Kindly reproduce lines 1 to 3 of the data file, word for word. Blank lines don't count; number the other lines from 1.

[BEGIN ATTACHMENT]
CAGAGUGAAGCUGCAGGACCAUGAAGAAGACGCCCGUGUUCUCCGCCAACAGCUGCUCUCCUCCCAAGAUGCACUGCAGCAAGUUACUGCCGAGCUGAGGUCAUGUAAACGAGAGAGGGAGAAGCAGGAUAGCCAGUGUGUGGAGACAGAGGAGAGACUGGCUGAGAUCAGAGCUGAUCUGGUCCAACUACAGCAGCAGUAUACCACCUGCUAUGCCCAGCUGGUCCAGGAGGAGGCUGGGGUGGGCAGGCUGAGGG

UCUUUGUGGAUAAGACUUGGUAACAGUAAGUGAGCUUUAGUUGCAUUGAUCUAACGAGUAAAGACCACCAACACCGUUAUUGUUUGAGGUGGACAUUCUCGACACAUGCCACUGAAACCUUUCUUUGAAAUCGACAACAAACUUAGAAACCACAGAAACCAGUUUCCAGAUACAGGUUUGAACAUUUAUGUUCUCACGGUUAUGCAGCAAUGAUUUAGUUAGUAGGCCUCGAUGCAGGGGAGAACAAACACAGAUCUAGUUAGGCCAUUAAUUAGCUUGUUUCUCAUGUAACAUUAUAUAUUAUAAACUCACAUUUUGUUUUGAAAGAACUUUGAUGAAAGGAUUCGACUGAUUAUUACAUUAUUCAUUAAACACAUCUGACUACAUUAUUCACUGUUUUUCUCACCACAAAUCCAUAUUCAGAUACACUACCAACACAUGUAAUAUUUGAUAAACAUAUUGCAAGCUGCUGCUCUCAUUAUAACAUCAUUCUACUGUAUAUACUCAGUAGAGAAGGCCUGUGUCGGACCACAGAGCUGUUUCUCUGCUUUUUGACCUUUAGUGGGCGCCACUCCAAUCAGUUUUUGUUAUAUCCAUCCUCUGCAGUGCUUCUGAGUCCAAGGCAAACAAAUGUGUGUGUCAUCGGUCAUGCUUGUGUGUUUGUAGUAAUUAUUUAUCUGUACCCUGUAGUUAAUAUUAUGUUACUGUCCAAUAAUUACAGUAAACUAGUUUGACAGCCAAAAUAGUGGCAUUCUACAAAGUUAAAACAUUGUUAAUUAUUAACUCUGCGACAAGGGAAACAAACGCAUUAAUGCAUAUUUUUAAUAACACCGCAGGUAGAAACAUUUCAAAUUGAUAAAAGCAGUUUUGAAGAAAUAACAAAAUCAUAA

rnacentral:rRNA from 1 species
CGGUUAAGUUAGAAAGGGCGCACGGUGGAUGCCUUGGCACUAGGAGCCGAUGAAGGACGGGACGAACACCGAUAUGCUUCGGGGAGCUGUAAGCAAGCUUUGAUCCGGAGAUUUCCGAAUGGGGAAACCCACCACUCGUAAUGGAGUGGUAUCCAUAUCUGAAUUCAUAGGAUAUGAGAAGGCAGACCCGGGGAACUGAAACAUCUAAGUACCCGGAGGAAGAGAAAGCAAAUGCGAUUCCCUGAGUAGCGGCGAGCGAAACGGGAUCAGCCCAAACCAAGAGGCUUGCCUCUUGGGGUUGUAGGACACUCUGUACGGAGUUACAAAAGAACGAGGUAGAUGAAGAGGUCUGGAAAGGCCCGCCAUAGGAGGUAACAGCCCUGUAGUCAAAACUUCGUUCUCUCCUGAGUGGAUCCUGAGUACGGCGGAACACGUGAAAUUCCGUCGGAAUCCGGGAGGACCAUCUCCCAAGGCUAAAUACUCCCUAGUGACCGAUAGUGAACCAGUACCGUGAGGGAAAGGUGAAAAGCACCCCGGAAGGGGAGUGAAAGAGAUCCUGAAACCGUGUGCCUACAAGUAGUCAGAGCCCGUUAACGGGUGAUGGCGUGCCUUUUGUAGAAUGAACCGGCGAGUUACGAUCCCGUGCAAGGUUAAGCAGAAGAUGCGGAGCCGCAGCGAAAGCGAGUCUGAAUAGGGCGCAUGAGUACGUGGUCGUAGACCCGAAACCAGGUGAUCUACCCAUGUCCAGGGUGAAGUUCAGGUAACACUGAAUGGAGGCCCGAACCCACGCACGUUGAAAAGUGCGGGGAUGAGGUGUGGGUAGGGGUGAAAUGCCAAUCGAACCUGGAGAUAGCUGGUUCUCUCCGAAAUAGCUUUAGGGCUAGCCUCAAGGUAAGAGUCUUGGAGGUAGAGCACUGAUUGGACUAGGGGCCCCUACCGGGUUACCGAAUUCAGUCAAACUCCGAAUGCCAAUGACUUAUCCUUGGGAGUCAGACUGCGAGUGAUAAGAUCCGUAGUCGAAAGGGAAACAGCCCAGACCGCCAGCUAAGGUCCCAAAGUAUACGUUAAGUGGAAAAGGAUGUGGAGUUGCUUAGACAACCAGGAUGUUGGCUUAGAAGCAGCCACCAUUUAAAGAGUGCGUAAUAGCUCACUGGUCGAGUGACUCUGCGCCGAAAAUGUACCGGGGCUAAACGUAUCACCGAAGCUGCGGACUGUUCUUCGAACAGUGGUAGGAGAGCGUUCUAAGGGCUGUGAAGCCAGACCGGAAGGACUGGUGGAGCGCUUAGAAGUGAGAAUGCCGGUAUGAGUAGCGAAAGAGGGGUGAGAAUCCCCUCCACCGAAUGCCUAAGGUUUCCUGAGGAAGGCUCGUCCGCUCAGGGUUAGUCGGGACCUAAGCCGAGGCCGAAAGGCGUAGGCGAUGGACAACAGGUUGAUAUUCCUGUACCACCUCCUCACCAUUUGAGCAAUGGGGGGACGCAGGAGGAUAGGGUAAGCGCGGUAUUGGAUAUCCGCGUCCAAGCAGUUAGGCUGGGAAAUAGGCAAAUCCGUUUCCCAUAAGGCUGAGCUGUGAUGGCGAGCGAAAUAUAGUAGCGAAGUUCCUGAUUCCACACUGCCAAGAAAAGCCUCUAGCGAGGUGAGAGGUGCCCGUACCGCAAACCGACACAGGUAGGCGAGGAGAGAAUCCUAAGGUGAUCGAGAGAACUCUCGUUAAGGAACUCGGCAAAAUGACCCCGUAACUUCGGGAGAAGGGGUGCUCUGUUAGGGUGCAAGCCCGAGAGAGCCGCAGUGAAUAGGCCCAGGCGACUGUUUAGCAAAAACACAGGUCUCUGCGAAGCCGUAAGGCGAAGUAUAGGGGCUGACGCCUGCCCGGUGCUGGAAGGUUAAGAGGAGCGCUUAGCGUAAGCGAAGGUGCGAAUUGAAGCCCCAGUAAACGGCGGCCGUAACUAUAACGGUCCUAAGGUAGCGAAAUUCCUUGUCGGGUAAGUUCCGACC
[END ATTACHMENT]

CAGAGUGAAGCUGCAGGACCAUGAAGAAGACGCCCGUGUUCUCCGCCAACAGCUGCUCUCCUCCCAAGAUGCACUGCAGCAAGUUACUGCCGAGCUGAGGUCAUGUAAACGAGAGAGGGAGAAGCAGGAUAGCCAGUGUGUGGAGACAGAGGAGAGACUGGCUGAGAUCAGAGCUGAUCUGGUCCAACUACAGCAGCAGUAUACCACCUGCUAUGCCCAGCUGGUCCAGGAGGAGGCUGGGGUGGGCAGGCUGAGGG

UCUUUGUGGAUAAGACUUGGUAACAGUAAGUGAGCUUUAGUUGCAUUGAUCUAACGAGUAAAGACCACCAACACCGUUAUUGUUUGAGGUGGACAUUCUCGACACAUGCCACUGAAACCUUUCUUUGAAAUCGACAACAAACUUAGAAACCACAGAAACCAGUUUCCAGAUACAGGUUUGAACAUUUAUGUUCUCACGGUUAUGCAGCAAUGAUUUAGUUAGUAGGCCUCGAUGCAGGGGAGAACAAACACAGAUCUAGUUAGGCCAUUAAUUAGCUUGUUUCUCAUGUAACAUUAUAUAUUAUAAACUCACAUUUUGUUUUGAAAGAACUUUGAUGAAAGGAUUCGACUGAUUAUUACAUUAUUCAUUAAACACAUCUGACUACAUUAUUCACUGUUUUUCUCACCACAAAUCCAUAUUCAGAUACACUACCAACACAUGUAAUAUUUGAUAAACAUAUUGCAAGCUGCUGCUCUCAUUAUAACAUCAUUCUACUGUAUAUACUCAGUAGAGAAGGCCUGUGUCGGACCACAGAGCUGUUUCUCUGCUUUUUGACCUUUAGUGGGCGCCACUCCAAUCAGUUUUUGUUAUAUCCAUCCUCUGCAGUGCUUCUGAGUCCAAGGCAAACAAAUGUGUGUGUCAUCGGUCAUGCUUGUGUGUUUGUAGUAAUUAUUUAUCUGUACCCUGUAGUUAAUAUUAUGUUACUGUCCAAUAAUUACAGUAAACUAGUUUGACAGCCAAAAUAGUGGCAUUCUACAAAGUUAAAACAUUGUUAAUUAUUAACUCUGCGACAAGGGAAACAAACGCAUUAAUGCAUAUUUUUAAUAACACCGCAGGUAGAAACAUUUCAAAUUGAUAAAAGCAGUUUUGAAGAAAUAACAAAAUCAUAA

rnacentral:rRNA from 1 species